Food poisoning: Victim's hands amputated

Mr Tan Whee Boon in good spirits after surgery yesterday. The food poisoning led to medical conditions requiring his hands and feet to be amputated.
Mr Tan Whee Boon in good spirits after surgery yesterday. The food poisoning led to medical conditions requiring his hands and feet to be amputated.PHOTO: COURTESY OF CHOONG SIET MEI

Technician Tan Whee Boon had both hands amputated at the wrist yesterday - but came out of the operation smiling.

The 50-year-old suffered a bout of food poisoning last month which led to medical conditions that required both his hands and feet to be amputated.

The operation to remove his feet should take place in two weeks.

Wife Choong Siet Mei, 47, said her husband was "still smiling" at 4.30pm when he came out of the hour-long surgery, which went smoothly. "He's very strong," said Madam Choong in Mandarin. "We were sad but that time has passed. Since there's no way around the amputations, we have to face it."

Yesterday's surgery had been delayed by a week because Mr Tan had a low red- blood cell count.

He was seen at Khoo Teck Puat Hospital on July 13, following a bout of vomiting and diarrhoea after eating a raw fish dish, or yusheng, at a food centre in Chinatown three days earlier.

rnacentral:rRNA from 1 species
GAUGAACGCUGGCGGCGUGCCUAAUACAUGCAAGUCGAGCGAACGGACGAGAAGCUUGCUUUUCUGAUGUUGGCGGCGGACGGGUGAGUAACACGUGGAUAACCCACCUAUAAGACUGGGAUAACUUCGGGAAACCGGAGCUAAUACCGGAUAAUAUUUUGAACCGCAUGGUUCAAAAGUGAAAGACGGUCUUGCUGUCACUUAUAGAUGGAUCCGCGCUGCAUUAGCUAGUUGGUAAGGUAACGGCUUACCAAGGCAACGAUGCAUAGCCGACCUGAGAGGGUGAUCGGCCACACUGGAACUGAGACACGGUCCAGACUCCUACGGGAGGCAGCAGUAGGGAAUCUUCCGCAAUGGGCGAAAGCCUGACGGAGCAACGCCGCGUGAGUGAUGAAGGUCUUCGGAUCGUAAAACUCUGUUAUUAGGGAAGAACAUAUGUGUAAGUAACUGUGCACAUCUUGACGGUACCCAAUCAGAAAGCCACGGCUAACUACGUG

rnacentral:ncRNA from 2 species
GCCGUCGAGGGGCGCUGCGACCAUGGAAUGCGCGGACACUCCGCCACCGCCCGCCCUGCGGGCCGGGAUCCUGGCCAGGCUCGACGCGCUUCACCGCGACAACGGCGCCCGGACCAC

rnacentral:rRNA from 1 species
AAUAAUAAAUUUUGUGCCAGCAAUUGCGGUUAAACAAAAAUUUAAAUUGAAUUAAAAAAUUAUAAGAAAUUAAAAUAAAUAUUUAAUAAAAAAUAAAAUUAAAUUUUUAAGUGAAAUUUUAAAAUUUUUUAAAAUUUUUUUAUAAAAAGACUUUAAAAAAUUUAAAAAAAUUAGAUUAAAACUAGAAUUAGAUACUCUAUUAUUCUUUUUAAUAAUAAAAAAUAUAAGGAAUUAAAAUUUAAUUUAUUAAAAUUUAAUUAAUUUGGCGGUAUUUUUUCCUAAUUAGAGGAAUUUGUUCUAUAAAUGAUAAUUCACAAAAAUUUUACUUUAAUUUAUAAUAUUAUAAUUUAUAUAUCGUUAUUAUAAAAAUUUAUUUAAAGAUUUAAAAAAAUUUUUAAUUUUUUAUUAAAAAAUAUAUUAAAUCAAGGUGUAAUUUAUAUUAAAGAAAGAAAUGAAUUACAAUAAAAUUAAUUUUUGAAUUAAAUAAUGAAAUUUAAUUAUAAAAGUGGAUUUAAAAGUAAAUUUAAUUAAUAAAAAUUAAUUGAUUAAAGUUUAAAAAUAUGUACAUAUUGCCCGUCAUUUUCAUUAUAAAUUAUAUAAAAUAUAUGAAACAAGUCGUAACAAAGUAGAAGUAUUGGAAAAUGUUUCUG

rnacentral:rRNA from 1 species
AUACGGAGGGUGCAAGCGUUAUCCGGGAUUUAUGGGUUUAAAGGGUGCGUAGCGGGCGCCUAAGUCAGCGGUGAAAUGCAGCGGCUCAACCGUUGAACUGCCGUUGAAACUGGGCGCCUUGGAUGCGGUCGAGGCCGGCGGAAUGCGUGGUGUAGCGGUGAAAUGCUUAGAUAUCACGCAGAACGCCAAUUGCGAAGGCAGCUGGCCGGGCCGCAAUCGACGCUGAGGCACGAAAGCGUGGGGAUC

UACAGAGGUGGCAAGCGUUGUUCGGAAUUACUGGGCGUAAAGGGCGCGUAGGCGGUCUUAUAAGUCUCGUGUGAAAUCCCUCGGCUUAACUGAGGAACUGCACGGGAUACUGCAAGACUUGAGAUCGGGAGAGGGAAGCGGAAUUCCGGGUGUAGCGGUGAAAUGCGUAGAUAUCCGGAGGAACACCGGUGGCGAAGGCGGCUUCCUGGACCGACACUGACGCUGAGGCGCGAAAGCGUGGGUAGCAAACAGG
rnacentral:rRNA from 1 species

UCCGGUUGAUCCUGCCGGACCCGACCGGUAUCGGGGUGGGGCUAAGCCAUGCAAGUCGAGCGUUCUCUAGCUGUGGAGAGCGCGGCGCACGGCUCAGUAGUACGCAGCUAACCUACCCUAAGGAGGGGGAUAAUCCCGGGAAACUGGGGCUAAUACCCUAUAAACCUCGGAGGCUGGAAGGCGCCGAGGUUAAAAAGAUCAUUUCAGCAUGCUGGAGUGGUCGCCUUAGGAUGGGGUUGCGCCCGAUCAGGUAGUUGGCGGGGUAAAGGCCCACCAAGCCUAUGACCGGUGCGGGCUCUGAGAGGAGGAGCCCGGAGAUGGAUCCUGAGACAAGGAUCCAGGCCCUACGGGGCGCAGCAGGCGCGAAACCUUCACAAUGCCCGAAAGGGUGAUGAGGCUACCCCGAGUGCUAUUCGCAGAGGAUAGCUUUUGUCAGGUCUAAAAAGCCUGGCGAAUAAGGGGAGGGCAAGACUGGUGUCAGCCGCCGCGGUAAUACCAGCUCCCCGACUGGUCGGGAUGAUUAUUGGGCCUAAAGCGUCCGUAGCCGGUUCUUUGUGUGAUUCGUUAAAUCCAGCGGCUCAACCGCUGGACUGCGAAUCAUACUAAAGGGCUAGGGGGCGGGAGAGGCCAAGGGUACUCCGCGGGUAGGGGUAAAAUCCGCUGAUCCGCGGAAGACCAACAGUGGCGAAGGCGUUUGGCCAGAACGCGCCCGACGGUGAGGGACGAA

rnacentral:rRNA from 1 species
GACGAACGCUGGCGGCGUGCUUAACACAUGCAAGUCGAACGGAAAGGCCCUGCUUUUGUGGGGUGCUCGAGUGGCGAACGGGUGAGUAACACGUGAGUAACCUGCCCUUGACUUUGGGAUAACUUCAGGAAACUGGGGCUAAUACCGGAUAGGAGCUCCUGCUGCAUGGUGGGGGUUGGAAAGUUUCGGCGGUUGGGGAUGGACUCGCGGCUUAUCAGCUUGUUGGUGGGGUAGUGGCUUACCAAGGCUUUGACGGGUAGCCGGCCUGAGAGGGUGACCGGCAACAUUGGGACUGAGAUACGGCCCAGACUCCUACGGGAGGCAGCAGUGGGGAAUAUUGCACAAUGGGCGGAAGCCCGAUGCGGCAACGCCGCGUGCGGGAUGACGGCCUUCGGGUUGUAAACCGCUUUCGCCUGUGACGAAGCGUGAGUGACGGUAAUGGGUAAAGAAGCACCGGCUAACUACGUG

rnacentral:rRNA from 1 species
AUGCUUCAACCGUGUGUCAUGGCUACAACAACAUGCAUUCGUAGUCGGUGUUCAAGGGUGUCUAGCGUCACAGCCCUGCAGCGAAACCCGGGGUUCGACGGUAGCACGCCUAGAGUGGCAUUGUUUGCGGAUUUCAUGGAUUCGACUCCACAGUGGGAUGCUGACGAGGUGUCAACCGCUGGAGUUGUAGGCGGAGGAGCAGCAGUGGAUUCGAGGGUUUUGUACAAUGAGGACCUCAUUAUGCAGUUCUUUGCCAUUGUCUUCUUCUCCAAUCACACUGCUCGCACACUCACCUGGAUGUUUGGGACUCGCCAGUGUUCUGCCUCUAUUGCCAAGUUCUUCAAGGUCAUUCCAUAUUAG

Tests revealed he had severe pneumonia complicated by sepsis.

Mr Tan was given a drug to direct blood flow to his vital organs, which saved his life. His hands and feet then turned gangrenous.

About $100,000 has been donated to Mr Tan and his family since news on his plight broke last Friday.

Mr Tan has received about $60,000 in his bank account after a friend set up a Facebook page appealing for public donations.

The other $40,000 was raised by two crowdfunding pages on the Indiegogo Life website - one of which is still ongoing - but is not yet with the family.

 
 

The couple have two children, aged 14 and 15, and their children's schools - CHIJ St Nicholas Girls' School and Catholic High School - are also raising funds for the family.

"Students, parents and alumni have been rallying and donating generously," said Catholic High School principal Soh Lai Leng.

Madam Choong added: "We don't want to think so far ahead.

"Right now, I just wish that he can finish the operations, then recover quickly and not suffer any infections. After that, we will think about (employment issues)."

A version of this article appeared in the print edition of The Straits Times on August 22, 2015, with the headline 'Food poisoning: Victim's hands amputated'. Print Edition | Subscribe